Kingston Workflow Station full review

The Kingston Workflow Station is a different kind of USB-C dock, focussed on enabling fast file transfers from connected cameras, Flash storage and USB sticks.

It’s aimed at professional photographers and videographers on 4K/8K multi-cam shoots with portable audio recorders or filming B-Roll with recording drones and GoPros and action cameras.

The dock doesn’t feature video ports for connecting external displays or other slots you’ll find on standard USB-C docking stations. This one is dedicated to multiple and simultaneous file offloads from SD and microSD cards.

The Workflow Station connects to your computer via USB-C at a speedy 10Gbps USB 3.2 Gen 2 performance, where many USB-C docks max out at Gen 1's 5Gbps USB-C speed.

Of course, Thunderbolt 3 at 40Gbps is even faster, but, for the features on the Workflow Station, 10Gbps is enough to increase standard USB-C transfer speeds.

Kingston Workflow Station and miniHubs

The modular Workflow Station dock itself has four top-mounted USB-C slots, which is where you place special miniHubs that boast the required connections - for example, for SD cards or microSD cards.

The miniHub connection is USB 3.2 Gen 1, so 5Gbps, but the link from the dock to the computer is Gen 2, so can handle 10Gbps - enough to take on half of the potential eight cards or USB sticks in the miniHubs at full speed.

The dock comes with a miniHub that has a USB-A port and a USB-C port for memory sticks and other storage devices.

You can also purchase a miniHub with two SD card slots and another with two microSD card slots - so you can customise your setup as it suits your storage format needs.

The card slots are in UHS-II format (backwards compatible with UHS-I), so each capable of 312MBps transfer. See our roundup of the best microSD cards.

In tests, the read and write speeds exceeded those in a standard Thunderbolt 3 dock with SD card reader.

There’s potential for up to eight card or USB slots in the dock. To use all eight simultaneously would require a 20Gbps USB 3.2 Gen 2x2  connection (8 x 312MBs = 2,500MBs = 20Gbps) bandwidth, but 4 x 312MBs = 1,250MBs = 10Gbps.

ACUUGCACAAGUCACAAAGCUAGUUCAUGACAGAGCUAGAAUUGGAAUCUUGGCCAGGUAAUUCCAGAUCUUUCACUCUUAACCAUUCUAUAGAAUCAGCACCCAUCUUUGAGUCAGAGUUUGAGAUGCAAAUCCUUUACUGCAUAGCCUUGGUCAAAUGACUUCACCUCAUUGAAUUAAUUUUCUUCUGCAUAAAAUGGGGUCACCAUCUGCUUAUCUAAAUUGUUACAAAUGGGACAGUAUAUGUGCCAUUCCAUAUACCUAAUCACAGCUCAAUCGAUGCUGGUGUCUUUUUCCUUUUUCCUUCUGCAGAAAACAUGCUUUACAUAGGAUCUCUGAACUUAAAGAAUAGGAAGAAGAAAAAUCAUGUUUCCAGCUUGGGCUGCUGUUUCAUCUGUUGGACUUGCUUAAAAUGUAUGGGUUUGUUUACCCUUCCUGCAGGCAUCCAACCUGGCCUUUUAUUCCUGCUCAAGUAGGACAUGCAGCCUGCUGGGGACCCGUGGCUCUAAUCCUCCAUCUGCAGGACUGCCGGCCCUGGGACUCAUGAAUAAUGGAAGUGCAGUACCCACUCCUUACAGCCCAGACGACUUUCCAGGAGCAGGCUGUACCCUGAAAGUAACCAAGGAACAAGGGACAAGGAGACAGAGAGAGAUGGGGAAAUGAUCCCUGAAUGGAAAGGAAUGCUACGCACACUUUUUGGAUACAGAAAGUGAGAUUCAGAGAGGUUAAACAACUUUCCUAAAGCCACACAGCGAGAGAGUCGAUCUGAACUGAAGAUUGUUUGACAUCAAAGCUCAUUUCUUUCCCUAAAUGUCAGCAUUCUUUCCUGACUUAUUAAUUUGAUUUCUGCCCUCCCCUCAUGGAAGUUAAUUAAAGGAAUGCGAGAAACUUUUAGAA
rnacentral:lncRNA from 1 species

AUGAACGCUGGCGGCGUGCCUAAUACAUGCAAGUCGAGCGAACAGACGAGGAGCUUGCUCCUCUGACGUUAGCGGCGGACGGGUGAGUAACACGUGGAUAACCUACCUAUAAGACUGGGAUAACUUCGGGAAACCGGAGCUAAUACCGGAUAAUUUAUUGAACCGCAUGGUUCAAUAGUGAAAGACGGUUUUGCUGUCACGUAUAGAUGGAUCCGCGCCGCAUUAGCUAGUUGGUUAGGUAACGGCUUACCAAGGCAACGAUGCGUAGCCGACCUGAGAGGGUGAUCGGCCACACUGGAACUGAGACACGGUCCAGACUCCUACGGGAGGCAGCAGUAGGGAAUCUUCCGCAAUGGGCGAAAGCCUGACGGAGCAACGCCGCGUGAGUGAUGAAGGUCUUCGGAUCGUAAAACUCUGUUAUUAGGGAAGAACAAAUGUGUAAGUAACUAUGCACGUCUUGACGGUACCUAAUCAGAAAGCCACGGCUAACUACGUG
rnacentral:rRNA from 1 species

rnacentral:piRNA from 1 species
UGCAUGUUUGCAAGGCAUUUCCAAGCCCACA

Of course, the host computer needs to be capable of that speed, too. Laptops or PCs with 10Gbps USB-C are not the standard, so we’re really looking at Thunderbolt 3 computers as the required host having the files transferred to.

Even better, the miniHubs (weighing 30g) can work independently of the dock, so can be used out and about with you, and can connect straight to your laptop.

That said, the dock itself is light (292g) and reasonably compact (16-x-70-x-56cm) so is pretty portable itself, although its power adapter (xg) takes up space.

Kingston Workflow Station dock

The dock and miniHubs are light because they are made from plastic, which makes them much more portable for photographers than heavier metal cases, but don't expect a cool brushed aluminium finish.

The power adapter does ship with four country converters (US, UK, EU and AU/NZ) so can travel without the need for separate plug adapters.


The Kingston Workflow Station costs £134.95 or US$135.20, with miniHubs priced at £32 or $35.95. 


Aimed at pro photographers, the Workflow Station offers fast, simultaneous file transfers in a modular and customisable form, with portability and speed at its core.

For maximum transfer speed, a USB 3.2 Gen 2x2 (20Gbps) or Thunderbolt connection would be required, but the ability to tun four memory cards at full speed is still a significant improvement on standard docks with card readers.

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